ROBIN HEAD Matchgirls Descendant, Secretary Somerset NUT
PLUS, we hope to have an exclusive recording from ANDREW CASTLE, Great Great Grandson of Annie Besant, Television and Radio Presenter and former Tennis Professional.
On 5th July 1888, 1400 girls and women walked out of the Bryant and May match factory in Bow, London and the next day some 200 of them marched from Mile End to Bouverie Street, Annie Besant’s office, to ask for her support. A Strike Committee was formed and rallied support from the Press, some MPs, the London Trades Council and Toynbee Hall. The London Trades Council, along the Strike Committee of eight Matchgirls, met with the Bryant & May Directors to put their case. By 17th July, the demands were met and terms agreed in principle so the Strike Committee put the proposals to the rest of the girls and they enthusiastically approved and returned to work.
The action led to a change in legislation in 1908 the House of Commons passed an Act prohibiting the use of white phosphorus in matches. It led to an increased militancy across the working class, as Lyn Brown notes, ” The received wisdom is that the heroic London dockers of 1889 led the way towards social justice, greater equality and spurred the foundation of the Labour movement. In fact it was London’s working class women, a year earlier, who were the vital spark that lit the blaze that showed the way to trade unionism. The men learned how it was done from their mothers, wives, sisters, daughters and neighbours.”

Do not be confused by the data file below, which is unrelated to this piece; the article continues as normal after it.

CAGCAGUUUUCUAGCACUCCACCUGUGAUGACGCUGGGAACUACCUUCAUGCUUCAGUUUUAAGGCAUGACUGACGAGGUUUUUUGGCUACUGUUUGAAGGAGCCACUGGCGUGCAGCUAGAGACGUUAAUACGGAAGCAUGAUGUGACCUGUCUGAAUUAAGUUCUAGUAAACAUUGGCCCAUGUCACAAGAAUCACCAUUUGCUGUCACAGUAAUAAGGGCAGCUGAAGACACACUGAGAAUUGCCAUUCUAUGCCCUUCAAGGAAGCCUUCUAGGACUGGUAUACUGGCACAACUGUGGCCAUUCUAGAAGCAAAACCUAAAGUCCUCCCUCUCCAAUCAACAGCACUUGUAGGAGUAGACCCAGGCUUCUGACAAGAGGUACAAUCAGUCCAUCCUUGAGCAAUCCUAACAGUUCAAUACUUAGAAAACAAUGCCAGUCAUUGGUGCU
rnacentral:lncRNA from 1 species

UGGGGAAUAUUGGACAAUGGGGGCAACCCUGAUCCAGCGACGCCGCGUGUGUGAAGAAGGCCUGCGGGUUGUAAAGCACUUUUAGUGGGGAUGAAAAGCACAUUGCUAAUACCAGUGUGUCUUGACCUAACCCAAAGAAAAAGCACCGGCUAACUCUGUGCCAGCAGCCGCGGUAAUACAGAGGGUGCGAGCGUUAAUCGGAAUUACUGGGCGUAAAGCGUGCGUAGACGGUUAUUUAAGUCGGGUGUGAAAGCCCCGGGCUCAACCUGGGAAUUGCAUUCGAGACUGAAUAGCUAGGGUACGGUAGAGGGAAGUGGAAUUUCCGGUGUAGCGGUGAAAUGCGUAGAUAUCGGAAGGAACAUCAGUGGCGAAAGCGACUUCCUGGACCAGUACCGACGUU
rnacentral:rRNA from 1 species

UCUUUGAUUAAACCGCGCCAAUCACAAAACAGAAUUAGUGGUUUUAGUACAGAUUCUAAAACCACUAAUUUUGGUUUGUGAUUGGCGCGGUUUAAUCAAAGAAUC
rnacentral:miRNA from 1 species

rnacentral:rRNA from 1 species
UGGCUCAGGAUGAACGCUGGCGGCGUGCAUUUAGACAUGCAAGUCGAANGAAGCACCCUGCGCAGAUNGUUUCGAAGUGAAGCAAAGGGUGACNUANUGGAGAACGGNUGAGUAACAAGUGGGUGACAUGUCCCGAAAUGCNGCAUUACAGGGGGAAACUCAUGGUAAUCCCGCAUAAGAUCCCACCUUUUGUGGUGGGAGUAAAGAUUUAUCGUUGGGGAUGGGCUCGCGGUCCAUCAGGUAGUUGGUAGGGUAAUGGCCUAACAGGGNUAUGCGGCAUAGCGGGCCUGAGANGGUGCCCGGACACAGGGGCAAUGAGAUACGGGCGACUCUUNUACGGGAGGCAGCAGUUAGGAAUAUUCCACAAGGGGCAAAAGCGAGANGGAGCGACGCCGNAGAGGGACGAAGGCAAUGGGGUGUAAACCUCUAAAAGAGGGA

Sunday 8th July
I will be taking part in a housing, music and poetry event; presenting the poetry of precarity and looking at some home truths, in a positive sense, of working class life. Its a fundraiser for the Grenfell peoples inquiry organised by The Rainbow Collective & Radical Housing Network 1.30- 10.00pm DIY Space for London 96-108 Ormside Street, SE15 1TF London
exposing the causes of the housing crisis + debunking the myths about immigration and homelessness + learning from our victories
An afternoon of films, discussion, spoken word and music. Bringing together artists and activists from variety of campaigns. Building a community of resistance to overcoming division to fight displacement, dispossession and privatization.
This event is a fundraiser for the People’s Inquiry project at Grenfell which is the development of a public archive of accounts and testimonies of the state crimes. It exists to support the processes of justice, not to undermine them and should have the support of reputable charities.
There will also be youth element which will focus on providing a platform for young voices and training them to develop their YouTube channel and their own voice. This project is being run by Dan Renwick the Director of Failed By The State.
And then have a couple deadlines looming for the end of the month so may be taking a bit of time out in poetical editing retreat; it’s a dynamic process, shifting between sofa – rewriting or restructuring, desk – making changes on the pc, bed – reading and making changes on the page, lots messy drafts, lots of coffee, rinse, repeat. But given the present hot climes am likely to take some of this outdoors. Note to self: Don’t forget to breathe, eat and do yoga! Take a break; Casualty, Poldark, The Hand Maids Tale… GO TO THE PARK!
Friday 9th June